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Beyond the Edge poster

Review: Beyond the Edge, Thor- The Dark World, Inch’Allah, Valley of Saints, Thanks for Sharing and The Counselor

By Cinema and Reviews

Tim Robbins and Mark Ruffalo in Thanks for Sharing (2013)

It’s one of those rare sunny Saturday afternoons in Wellington and I have work to do. But I’m not going to do that work because it doesn’t look like much fun and — for once — writing tiny film reviews seems like the better option.

Beyond the Edge posterLeanne Pooley made New Zealand’s most successful documentary ever in 2009 — The Topp Twins: Untouchable Girls — and now turns her eye towards a mountain-sized Kiwi icon, Sir Ed Hillary and his ascent of Everest in 1953. Beyond the Edge is a limp title for the greatest adventure ever undertaken by a New Zealander and the film sometimes seems a bit bloodless too. The 3D recreations of Himalayan scenes — filling in the gaps in the archive of available still and moving picture elements — are thrilling though, especially if heights get your heart racing faster as they do I.

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Review: Sondheim’s Company, She Stoops to Conquer, A Dangerous Method, The Most Fun You Can have Dying and The Lucky One

By Cinema and Reviews

Sondheim's Company posterThe most pleasure I have had in a cinema so far this year wasn’t at a film. In 2011, the New York Philharmonic produced a brief concert revival of Stephen Sondheim’s masterpiece about emotional opportunity cost, Company. For three performances only, they assembled a star-studded cast of well-known television faces including Stephen Colbert, Jon Cryer and Mad Men’s Christina Hendricks, alongside Broadway veterans like Patti LuPone, and the show was filmed in high-definition for distribution to cinemas around the world. Several Wellington picture houses are playing this sort of alternative content these days — the Metropolitan Opera etc — so, eventually, this stunning production was likely to arrive here and, golly, I am so glad it did.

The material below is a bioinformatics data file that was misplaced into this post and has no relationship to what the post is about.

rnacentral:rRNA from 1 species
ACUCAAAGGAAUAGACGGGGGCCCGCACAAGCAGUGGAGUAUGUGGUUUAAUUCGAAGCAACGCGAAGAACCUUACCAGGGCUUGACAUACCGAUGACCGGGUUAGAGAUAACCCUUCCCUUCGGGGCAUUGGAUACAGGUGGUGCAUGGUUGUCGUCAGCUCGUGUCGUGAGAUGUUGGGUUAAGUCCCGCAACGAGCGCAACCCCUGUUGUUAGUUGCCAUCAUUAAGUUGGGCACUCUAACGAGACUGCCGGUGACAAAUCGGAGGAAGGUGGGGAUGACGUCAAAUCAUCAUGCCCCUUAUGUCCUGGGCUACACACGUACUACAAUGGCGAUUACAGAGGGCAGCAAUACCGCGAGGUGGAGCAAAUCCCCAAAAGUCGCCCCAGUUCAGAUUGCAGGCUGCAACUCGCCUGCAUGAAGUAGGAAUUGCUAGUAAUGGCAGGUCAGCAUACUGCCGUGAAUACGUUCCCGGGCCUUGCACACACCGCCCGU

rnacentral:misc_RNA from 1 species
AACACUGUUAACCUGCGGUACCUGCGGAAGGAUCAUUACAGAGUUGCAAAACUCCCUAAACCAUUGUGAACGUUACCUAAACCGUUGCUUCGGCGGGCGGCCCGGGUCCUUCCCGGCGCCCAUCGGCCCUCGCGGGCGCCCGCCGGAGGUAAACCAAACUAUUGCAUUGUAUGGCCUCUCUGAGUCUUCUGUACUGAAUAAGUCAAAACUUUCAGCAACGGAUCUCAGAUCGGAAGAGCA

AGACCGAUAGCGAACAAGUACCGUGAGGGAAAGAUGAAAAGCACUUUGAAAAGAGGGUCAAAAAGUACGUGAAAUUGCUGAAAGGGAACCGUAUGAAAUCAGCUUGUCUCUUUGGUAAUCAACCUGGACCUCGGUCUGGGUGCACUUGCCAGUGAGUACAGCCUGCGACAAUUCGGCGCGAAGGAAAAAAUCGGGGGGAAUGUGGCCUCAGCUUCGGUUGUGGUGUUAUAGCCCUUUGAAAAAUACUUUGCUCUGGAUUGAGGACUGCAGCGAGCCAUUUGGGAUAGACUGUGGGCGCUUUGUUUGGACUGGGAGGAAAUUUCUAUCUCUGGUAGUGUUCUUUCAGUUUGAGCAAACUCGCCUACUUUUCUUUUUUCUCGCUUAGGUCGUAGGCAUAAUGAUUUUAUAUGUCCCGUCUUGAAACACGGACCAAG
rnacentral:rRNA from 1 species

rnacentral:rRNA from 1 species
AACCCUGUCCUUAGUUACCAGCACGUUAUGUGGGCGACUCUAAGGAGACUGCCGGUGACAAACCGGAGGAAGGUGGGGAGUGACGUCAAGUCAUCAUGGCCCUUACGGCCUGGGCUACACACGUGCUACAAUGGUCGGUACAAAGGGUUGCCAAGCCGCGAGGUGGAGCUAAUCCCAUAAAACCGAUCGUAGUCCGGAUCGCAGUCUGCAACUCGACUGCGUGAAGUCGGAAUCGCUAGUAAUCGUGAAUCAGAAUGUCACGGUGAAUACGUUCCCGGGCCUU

In Company, Neil Patrick Harris (How I Met Your Mother) plays Robert — a 35 year old confirmed New York bachelor surrounded by married and soon-to-be-married friends. Throughout the show they give him some good, bad and indifferent advice about the importance of relationships versus freedom and independence versus — well — company. This is a concert production so the orchestra is on the stage rather than tucked away in a pit, and director Lonny Price does marvels with the shallow area that remains. Transitions are inventive and smooth and the characters somehow manage to relate to each other despite being — as Sondheim would have it — side by side.

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Review: Moneyball, The Ides of March, Shame, Weekend, This Means War, Romantics Anonymous and Big Miracle

By Cinema and Reviews

Moneyball posterThis week Philip Seymour Hoffman features in two new American sports movies, one about their most venerable — if not impenetrable — pastime of baseball and the other on the modern-day equivalent of bear-baiting, the presidential primaries. In Moneyball, Hoffman plays Art, team manager of the Oakland Athletics, left behind when his boss — Brad Pitt — decides to throw away decades of baseball tradition and use sophisticated statistical analysis and a schlubby Yale economics graduate (Jonah Hill) to pick cheap but effective players.